Sheet metal is one of the most adaptable processing techniques in the manufacturing industry. Traditionally, steel, aluminum, brass, copper, tin, nickel, titanium or other precious metals are used to manufacture sheet metal. The thickness is different, but it is mainly divided into two differences: thin plate and thick plate. Many different industries rely on the versatility and durability of sheet metal, including aerospace, home appliance manufacturing, consumer electronics, industrial furniture, machinery, transportation, etc.
How to use sheet metal?
Sheet metal can be cut, stamped, formed, stamped, sheared, bent, welded, rolled, riveted, drilled, tapped, and machined. Then you can insert hardware to fix electronic components, metal brackets or other sheet metal parts.
To finish the metal plate, it can be brushed, electroplated, anodized, powder coated, liquid painting, screen printing, laser etching and pad printing. Of course, the parts can also be riveted into complex components.
Like any other technology, the processing of precision sheet metal is constantly evolving. Materials, processes, tools and equipment are becoming highly specialized, which shortens the time required to manufacture ordinary sheet metal parts and speeds up the design process.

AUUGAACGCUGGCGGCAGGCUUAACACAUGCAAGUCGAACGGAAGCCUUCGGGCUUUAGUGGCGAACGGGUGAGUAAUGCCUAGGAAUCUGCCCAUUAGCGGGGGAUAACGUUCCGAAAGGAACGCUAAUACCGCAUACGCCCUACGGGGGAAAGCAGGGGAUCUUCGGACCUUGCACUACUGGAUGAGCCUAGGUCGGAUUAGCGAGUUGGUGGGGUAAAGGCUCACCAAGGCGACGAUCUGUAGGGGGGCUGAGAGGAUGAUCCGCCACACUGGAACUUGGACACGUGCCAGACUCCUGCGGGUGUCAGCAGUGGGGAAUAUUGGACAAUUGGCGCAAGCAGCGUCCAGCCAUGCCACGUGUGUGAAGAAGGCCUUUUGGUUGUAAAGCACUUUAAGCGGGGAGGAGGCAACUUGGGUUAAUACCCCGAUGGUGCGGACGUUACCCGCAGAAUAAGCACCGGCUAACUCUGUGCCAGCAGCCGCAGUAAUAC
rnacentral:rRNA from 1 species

Design considerations for sheet metal processing
The more you know about the manufacturing process in the design phase, the more successful the part's manufacturability. However, if there are problems with the design of certain functions, a good manufacturing supplier should be able to point out these problems and propose good alternatives to solve these problems.
When using standard tool sizes, as opposed to expensive custom tools that need to be made specifically for the job, sheet metal processing is the most cost-effective. If individual parts become too complex, consider using standard or general tools to weld or rive the parts together.
Since the bend stretches the material, features such as holes, cuts, and inserted hardware should be placed far enough away from the bend to prevent the hole from deforming. To help comply with this rule, remember "4T", which means that the thickness of the material at any bend from the positioned feature is four times its thickness.
The bending machine produces bending by pressing the sheet metal part into the mold with a linear punch, so the design does not allow the creation of closed geometric shapes.
Sheet metal tolerances are much wider than mechanical tolerances or 3D tolerances. Factors that affect tolerances include the thickness of the material, the machine used, and the number of steps in the manufacturing process. Suppliers usually provide detailed tolerance specifications for their workshops and machines.
Each bend of the part should use a uniform bending radius, such as 0.030 inches (industry standard), to reduce multiple settings and speed up production.
Welding thin materials can cause cracks or warping. When handling thin materials, consider other connection methods.
When installing PEM hardware, please consider the material thickness and the manufacturer's minimum requirements.